Monday, September 5, 2011


It's the first weekend after classes have started and boy, what an adventure. Mostly, I babysit drunk people. And that sounds pretty bad, but they're generally really amusing, for example one guy always wants to cuddle and one girl spent all of Friday night trying to take her shirt off because, she argued, that she would look cuter topless than the boys. That is true, and was our justification for making her keep it on. She also really wanted to play with scissors, which we deemed dangerous. I've gone to bed at about five in the morning the last few nights due to the resulting drama, but that's ok because I DIDN'T HAVE ANY HOMEWORK. That's right, ladies and gentlemen, I came to college for this. So we played board games and watched movies and drank hot cocoa and Jon (different Jon for those who keep up with this blog, a new one who is a good friend at AU) made shrimp risotto for us. It was delicious. Now I'm hanging out in my room with Hope, who just got moved into her new apartment in DC. Hopefully next week involves less drama, it may even involve a date with a cute Indian boy, or maybe just helping my friends stalker make cupcakes for her, you never know.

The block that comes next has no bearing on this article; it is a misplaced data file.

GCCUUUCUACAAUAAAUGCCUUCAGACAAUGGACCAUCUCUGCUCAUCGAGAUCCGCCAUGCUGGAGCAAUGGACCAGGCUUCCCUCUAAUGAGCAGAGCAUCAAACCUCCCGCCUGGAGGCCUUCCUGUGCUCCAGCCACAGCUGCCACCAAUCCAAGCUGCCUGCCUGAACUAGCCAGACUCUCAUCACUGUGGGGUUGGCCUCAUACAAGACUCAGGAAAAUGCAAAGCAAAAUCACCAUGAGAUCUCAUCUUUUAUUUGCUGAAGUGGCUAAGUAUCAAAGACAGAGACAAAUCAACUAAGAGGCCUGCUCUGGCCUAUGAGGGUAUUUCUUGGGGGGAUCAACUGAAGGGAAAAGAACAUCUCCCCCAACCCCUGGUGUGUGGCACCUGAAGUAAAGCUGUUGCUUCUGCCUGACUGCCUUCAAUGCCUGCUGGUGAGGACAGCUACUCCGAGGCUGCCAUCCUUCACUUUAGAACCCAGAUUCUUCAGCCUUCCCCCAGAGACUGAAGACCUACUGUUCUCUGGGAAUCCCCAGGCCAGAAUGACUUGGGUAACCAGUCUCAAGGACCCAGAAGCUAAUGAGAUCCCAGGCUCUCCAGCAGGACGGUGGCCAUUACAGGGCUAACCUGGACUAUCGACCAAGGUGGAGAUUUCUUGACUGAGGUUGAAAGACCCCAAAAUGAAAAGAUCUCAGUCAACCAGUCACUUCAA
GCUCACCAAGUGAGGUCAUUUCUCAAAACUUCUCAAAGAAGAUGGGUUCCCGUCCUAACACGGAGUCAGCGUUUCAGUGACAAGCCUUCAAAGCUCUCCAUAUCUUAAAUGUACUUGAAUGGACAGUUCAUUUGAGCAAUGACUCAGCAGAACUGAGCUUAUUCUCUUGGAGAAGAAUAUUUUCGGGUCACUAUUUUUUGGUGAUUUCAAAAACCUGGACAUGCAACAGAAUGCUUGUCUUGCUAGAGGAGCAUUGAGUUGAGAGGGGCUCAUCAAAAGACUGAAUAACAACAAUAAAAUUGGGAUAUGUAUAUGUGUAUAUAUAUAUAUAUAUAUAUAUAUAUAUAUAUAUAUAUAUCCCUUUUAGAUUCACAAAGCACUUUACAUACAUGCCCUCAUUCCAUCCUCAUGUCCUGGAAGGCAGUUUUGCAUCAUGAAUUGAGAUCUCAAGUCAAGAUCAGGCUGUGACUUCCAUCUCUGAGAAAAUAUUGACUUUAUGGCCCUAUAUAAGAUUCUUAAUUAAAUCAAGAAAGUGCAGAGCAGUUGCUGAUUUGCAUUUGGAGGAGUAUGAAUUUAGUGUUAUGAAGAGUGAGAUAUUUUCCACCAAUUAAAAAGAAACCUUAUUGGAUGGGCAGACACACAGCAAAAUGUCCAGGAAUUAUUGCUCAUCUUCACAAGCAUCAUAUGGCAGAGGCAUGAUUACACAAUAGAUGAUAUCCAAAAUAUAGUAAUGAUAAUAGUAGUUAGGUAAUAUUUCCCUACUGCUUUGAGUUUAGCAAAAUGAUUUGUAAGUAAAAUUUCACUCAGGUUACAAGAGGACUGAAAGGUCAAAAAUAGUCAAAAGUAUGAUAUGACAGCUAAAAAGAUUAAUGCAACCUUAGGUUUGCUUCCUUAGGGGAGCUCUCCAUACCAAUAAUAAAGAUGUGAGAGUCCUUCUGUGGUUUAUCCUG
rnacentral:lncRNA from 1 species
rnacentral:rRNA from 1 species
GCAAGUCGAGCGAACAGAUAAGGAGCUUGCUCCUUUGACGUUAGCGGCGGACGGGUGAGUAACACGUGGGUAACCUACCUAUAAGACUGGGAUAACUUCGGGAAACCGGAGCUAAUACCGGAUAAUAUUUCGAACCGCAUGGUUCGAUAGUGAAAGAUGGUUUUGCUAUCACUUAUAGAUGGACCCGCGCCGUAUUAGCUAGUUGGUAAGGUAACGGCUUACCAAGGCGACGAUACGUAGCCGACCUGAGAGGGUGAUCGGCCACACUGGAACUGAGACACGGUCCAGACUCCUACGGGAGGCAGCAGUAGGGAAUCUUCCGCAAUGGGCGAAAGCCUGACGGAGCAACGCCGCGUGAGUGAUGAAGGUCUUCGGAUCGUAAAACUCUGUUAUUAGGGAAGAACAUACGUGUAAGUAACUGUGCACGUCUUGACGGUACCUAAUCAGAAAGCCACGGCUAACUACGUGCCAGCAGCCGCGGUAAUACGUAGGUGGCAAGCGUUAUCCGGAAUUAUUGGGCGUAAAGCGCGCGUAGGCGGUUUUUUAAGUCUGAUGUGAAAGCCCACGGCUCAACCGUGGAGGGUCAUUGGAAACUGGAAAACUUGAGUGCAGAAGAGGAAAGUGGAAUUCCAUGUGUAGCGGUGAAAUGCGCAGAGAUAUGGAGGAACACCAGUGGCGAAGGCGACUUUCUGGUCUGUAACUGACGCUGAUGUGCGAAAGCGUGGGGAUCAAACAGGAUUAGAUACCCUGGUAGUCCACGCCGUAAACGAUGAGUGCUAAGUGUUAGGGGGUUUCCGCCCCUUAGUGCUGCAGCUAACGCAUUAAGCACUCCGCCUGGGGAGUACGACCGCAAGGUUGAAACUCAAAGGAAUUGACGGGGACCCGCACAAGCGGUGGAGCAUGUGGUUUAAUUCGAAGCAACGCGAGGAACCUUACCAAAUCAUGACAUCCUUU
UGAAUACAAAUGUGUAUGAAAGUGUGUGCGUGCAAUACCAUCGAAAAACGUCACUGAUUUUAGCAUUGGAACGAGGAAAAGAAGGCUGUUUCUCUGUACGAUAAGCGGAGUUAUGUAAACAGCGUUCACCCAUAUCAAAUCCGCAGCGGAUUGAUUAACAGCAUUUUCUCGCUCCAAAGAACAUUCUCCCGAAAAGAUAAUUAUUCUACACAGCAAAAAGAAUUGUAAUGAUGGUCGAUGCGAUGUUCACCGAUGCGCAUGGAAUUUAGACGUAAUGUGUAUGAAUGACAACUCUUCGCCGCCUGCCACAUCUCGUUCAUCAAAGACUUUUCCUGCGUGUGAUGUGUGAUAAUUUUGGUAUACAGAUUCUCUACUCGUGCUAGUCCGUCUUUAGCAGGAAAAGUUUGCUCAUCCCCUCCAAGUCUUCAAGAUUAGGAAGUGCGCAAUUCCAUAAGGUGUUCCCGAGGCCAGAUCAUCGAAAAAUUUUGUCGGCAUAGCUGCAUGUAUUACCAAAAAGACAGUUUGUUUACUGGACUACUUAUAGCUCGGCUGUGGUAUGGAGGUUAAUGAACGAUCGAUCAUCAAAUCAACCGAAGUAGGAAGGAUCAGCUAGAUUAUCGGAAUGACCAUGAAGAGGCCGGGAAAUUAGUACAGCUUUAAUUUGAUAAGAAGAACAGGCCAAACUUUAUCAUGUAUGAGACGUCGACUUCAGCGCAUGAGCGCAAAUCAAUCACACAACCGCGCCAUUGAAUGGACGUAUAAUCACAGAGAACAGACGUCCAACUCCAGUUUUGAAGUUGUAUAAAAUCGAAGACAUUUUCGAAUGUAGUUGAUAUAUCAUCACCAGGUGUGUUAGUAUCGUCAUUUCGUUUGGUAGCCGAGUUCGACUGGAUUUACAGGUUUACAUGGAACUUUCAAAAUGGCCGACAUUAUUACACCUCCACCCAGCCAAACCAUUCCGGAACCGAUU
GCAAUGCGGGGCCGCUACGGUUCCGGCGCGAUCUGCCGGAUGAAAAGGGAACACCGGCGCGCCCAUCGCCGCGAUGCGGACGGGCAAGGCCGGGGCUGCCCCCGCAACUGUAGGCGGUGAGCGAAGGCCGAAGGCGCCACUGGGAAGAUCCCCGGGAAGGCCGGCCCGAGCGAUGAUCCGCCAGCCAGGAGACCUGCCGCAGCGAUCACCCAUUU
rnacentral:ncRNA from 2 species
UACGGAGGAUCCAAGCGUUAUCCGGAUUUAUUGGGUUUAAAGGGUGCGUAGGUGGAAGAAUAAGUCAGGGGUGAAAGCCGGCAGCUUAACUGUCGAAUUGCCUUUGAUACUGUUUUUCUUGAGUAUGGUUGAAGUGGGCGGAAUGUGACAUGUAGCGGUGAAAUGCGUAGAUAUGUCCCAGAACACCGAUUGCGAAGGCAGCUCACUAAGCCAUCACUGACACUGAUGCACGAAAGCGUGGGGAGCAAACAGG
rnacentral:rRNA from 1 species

Wednesday, August 17, 2011

Among the Stars

So there's this guy. I didn't really expect to like him, but I think it may be the quickest connection I've ever had with someone. We have only chatted on Skype a few times and gone on a group-date, but I'm already caught up in it. Mostly, that's because of how willing he is to be an idiot and laugh at himself. This was particularly evident in an encounter last night. So after we each got home from dinner, we got online and I told him I love singing and/or people singing to me. Side note: He is mostly deaf, completely tone deaf, and generally follows conversation by lipreading rather than trying to rely on his hearing aid. So anyway, he said he would sing for me. He proceeded to attempt a terrible falsetto with accompanying dancing, head bopping, and signing. We just sat there laughing for about five minutes and then he started to teach me some of the signs he used in the song. (I learned voice, sorry, and remember; and confirmed a few others, like penis, sit, and name.) So I thought that would be the end of that, but he seemed to really enjoy how amused I was so we went on like that for almost half an hour; him singing, me sometimes singing along and trying to copy his signing. I felt like an annoying awestruck child making him show me signs over and over while I practiced them. I realized part way in that he may have been offended that I was focusing so much on his "disability," but I was just genuinely really intrigued. And I was also mesmerized by his ability to completely make a fool of himself. It was lovely.